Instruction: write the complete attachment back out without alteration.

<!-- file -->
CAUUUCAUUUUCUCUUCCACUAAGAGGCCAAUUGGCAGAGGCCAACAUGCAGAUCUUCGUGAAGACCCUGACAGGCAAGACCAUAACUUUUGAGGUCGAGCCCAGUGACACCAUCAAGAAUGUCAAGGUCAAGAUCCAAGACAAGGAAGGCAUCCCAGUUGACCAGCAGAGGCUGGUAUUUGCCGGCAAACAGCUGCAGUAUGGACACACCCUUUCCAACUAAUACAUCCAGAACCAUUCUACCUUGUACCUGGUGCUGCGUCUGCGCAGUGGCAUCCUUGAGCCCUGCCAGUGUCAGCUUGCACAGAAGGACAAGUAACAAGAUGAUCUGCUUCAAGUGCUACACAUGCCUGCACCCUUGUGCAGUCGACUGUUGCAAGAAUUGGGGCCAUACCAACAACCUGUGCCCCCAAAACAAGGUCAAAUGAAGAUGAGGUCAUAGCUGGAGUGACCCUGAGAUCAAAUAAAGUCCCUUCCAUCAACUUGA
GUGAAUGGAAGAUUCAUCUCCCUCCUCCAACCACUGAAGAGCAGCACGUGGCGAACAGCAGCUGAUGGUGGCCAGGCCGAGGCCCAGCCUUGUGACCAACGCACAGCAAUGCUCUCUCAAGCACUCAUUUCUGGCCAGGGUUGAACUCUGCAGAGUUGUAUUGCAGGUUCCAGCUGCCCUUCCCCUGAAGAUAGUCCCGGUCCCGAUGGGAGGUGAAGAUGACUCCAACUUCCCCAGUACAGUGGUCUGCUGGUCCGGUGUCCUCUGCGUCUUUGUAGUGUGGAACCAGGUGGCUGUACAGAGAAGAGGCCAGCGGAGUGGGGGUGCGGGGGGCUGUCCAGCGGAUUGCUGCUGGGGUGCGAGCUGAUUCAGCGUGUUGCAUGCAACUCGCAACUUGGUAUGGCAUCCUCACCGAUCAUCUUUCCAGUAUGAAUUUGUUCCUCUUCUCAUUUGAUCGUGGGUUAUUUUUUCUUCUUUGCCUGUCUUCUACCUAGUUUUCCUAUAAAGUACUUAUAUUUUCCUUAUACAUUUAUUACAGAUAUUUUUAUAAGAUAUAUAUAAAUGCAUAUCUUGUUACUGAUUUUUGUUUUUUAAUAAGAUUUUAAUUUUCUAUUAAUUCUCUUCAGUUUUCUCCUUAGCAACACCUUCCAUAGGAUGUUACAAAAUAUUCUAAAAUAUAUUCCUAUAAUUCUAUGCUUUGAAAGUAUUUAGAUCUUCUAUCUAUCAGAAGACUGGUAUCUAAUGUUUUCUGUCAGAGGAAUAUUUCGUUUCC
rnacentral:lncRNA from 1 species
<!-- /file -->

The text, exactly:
CAUUUCAUUUUCUCUUCCACUAAGAGGCCAAUUGGCAGAGGCCAACAUGCAGAUCUUCGUGAAGACCCUGACAGGCAAGACCAUAACUUUUGAGGUCGAGCCCAGUGACACCAUCAAGAAUGUCAAGGUCAAGAUCCAAGACAAGGAAGGCAUCCCAGUUGACCAGCAGAGGCUGGUAUUUGCCGGCAAACAGCUGCAGUAUGGACACACCCUUUCCAACUAAUACAUCCAGAACCAUUCUACCUUGUACCUGGUGCUGCGUCUGCGCAGUGGCAUCCUUGAGCCCUGCCAGUGUCAGCUUGCACAGAAGGACAAGUAACAAGAUGAUCUGCUUCAAGUGCUACACAUGCCUGCACCCUUGUGCAGUCGACUGUUGCAAGAAUUGGGGCCAUACCAACAACCUGUGCCCCCAAAACAAGGUCAAAUGAAGAUGAGGUCAUAGCUGGAGUGACCCUGAGAUCAAAUAAAGUCCCUUCCAUCAACUUGA
GUGAAUGGAAGAUUCAUCUCCCUCCUCCAACCACUGAAGAGCAGCACGUGGCGAACAGCAGCUGAUGGUGGCCAGGCCGAGGCCCAGCCUUGUGACCAACGCACAGCAAUGCUCUCUCAAGCACUCAUUUCUGGCCAGGGUUGAACUCUGCAGAGUUGUAUUGCAGGUUCCAGCUGCCCUUCCCCUGAAGAUAGUCCCGGUCCCGAUGGGAGGUGAAGAUGACUCCAACUUCCCCAGUACAGUGGUCUGCUGGUCCGGUGUCCUCUGCGUCUUUGUAGUGUGGAACCAGGUGGCUGUACAGAGAAGAGGCCAGCGGAGUGGGGGUGCGGGGGGCUGUCCAGCGGAUUGCUGCUGGGGUGCGAGCUGAUUCAGCGUGUUGCAUGCAACUCGCAACUUGGUAUGGCAUCCUCACCGAUCAUCUUUCCAGUAUGAAUUUGUUCCUCUUCUCAUUUGAUCGUGGGUUAUUUUUUCUUCUUUGCCUGUCUUCUACCUAGUUUUCCUAUAAAGUACUUAUAUUUUCCUUAUACAUUUAUUACAGAUAUUUUUAUAAGAUAUAUAUAAAUGCAUAUCUUGUUACUGAUUUUUGUUUUUUAAUAAGAUUUUAAUUUUCUAUUAAUUCUCUUCAGUUUUCUCCUUAGCAACACCUUCCAUAGGAUGUUACAAAAUAUUCUAAAAUAUAUUCCUAUAAUUCUAUGCUUUGAAAGUAUUUAGAUCUUCUAUCUAUCAGAAGACUGGUAUCUAAUGUUUUCUGUCAGAGGAAUAUUUCGUUUCC
rnacentral:lncRNA from 1 species